New Hampshire Division of Historical Resources

Individual Inventory Form

Bristol Town Hall

Created on March 5, 2014 at 3:42 pm by Sandra Heaney
Last updated on March 29, 2014 at 9:18 am by Sandra Heaney.

NHDHR Inventory #
Name, Location, Ownership
1. Historic name
Bristol Town Hall
2. District or area
3. Street and number
45 Summer Street
4. City or town
5. County
6. Current owner
Town of Bristol
Function or Use
7. Current use(s)
Government: Town Hall
8. Historic use(s)
Government: Town Hall
Architectural Information
9. Style
Greek Revival
10. Architect/builder
11. Source
12. Construction date
13. Source
Musgrove (1904: 92). Estimated date of alterations based on visual inspection.
14. Alterations, with dates
c. 1990 Simple wooden
handicapped entrance ramp in front
15. Moved?
Exterior Features
16. Foundation
17. Cladding
18. Roof material
Metal, standing seam
19. Chimney material
20. Type of roof
Front gable
21. Chimney location
22. Number of stories
23. Entry location
Fa�§ade, center, recessed
24. Windows
c. 1900
Site Features
25. Setting
Small town
26. Outbuildings
27. Landscape features
28. Acreage
29. Tax map/parcel #
30. UTM reference
19 279185 E, 4830234 N
31. USGS quadrangle and scale
Bristol, NH, 7.5 min
Form prepared by
32. Name
Bruce G. Harvey
33. Organization
Consultant for Bristol Historic District Commission
34. Date of survey
April 26, 2013
Main Photo and Maps
Main photo

35. Photo #1
Looking NW
36. Date
37. Reference #:
11-Summer St 45 looking NW.jpg
39. Location Map:

40: Property Map:

41. Historical Background and Role in the Town or City’s Development:
The region that now includes the Town of Bristol was a part of proprietorship created within an original 17th century grant of land from the English crown to John Mason. Mason’s descendant, another John Mason, conveyed the portion of the grant within what is now New Hampshire to a syndicate of proprietors in 1746. A new syndicate purchased the grant in 1753 and called the territory New Chester. This new syndicate began the process of surveying the land, and laying out and selling lots, in the early 1760s. An early focus of the syndicate was to lay out roads that would provide new settlers with access to the land (Musgrove 1904, Vol. I: 28-37).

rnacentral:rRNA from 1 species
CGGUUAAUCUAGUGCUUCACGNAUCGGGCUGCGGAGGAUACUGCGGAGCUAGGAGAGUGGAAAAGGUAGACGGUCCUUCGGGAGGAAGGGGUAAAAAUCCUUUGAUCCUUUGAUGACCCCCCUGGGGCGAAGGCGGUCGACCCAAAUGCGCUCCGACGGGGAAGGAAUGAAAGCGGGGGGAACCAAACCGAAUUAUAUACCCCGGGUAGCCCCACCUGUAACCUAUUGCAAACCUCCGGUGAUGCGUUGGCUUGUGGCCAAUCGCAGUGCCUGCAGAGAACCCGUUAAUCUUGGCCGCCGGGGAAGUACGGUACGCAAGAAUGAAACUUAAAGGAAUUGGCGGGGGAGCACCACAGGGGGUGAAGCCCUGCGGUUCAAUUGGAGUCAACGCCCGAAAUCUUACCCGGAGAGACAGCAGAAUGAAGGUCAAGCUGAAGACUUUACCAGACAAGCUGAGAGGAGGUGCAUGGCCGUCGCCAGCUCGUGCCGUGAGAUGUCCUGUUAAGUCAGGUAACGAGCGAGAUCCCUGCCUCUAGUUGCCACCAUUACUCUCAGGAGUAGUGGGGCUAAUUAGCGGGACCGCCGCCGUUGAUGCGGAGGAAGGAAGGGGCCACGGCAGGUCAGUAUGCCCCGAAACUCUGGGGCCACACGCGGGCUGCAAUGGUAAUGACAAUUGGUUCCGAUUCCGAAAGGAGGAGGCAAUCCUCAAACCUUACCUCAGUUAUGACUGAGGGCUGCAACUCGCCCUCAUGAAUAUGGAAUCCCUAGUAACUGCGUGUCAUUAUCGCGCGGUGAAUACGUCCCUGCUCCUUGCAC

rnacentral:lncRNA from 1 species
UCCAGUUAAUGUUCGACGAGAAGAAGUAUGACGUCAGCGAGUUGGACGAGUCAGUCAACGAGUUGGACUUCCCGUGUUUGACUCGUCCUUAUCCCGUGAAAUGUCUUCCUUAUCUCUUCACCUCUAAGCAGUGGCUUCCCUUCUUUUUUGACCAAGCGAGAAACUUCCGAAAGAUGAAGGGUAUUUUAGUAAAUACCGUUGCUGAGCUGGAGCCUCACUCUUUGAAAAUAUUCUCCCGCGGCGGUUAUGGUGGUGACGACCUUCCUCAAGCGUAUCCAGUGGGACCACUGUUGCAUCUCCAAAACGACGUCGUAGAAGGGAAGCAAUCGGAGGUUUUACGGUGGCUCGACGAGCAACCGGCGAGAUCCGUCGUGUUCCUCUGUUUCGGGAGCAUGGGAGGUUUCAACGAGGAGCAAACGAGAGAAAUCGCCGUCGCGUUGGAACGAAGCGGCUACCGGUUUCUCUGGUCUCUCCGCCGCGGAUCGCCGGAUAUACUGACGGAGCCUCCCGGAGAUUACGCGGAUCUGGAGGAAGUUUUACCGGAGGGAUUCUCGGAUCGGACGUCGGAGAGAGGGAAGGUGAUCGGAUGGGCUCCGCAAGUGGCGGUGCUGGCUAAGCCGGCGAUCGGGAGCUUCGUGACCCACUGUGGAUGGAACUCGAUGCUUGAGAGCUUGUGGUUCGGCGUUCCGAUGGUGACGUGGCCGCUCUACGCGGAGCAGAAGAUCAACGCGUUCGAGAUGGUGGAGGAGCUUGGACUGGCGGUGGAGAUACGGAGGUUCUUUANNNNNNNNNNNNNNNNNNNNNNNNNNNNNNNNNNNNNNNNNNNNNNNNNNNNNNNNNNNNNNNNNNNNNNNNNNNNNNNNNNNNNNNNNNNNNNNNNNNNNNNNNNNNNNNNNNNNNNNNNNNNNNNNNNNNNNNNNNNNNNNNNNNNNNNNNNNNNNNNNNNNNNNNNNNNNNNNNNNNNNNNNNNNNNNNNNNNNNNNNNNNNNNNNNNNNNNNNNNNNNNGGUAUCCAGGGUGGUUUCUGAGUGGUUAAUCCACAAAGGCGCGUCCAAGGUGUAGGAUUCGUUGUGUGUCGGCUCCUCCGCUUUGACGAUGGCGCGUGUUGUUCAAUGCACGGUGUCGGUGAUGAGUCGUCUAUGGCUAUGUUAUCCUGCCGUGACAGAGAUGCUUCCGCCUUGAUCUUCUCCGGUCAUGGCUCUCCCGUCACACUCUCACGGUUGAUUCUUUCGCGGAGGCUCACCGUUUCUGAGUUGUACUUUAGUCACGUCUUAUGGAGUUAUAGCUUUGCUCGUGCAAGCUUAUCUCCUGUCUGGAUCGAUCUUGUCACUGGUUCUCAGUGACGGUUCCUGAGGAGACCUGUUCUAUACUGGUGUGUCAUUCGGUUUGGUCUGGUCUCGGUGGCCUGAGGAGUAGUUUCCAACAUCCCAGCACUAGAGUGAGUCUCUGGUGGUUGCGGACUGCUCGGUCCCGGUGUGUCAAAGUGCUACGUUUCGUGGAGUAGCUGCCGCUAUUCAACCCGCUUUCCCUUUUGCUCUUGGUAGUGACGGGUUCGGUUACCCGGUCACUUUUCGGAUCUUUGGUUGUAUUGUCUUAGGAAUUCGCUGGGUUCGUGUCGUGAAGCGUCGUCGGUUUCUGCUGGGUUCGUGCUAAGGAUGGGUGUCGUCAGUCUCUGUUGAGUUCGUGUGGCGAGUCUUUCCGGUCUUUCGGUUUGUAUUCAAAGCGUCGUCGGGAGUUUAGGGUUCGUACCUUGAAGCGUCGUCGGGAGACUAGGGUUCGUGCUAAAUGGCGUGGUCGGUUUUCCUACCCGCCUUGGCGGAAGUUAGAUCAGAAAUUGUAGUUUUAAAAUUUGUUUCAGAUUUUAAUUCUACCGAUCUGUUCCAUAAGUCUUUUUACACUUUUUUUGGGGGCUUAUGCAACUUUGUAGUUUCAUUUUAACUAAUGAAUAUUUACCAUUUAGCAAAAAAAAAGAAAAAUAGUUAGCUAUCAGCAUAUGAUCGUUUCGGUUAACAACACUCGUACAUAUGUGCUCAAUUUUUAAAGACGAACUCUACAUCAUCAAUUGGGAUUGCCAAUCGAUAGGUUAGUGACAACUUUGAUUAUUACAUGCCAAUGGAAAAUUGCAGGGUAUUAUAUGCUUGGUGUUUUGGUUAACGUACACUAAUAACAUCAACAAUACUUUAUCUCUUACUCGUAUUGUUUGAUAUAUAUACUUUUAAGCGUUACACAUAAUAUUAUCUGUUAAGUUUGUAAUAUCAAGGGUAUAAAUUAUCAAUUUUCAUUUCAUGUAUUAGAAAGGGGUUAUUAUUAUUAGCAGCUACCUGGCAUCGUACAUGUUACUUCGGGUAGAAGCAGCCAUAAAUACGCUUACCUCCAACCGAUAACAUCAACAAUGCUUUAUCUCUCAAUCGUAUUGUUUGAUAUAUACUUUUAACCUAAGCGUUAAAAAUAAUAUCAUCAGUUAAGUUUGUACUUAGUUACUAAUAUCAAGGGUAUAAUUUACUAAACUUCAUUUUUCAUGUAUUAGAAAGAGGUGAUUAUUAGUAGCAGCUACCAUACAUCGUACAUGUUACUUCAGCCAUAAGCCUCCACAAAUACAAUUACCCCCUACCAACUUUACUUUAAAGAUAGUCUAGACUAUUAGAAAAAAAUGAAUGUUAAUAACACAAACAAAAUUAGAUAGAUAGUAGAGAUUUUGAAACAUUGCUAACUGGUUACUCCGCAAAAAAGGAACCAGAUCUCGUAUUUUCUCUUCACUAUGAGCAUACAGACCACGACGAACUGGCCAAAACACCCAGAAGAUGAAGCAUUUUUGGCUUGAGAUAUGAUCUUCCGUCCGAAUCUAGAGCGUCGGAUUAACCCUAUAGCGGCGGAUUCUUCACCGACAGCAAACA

European settlement in Bristol began in the 1760s, when Major John Tolford built the first two mills, a saw mill and a grist mill, at the falls of the Newfound River, with a mill dam across the north channel of the Newfound River near the upper bridge on Water Street. Due to the water power on the Newfound River, what is now Bristol very quickly emerged in the late 18th century as an industrial center for the region, and as a stopping-off point for settlers moving further north into New Hampshire. Originally called Bridgewater, by the early 19th century the village boasted the two original mills along with three blacksmith shops, a harness shop, two tanneries, a shoe shop, and a fulling mill.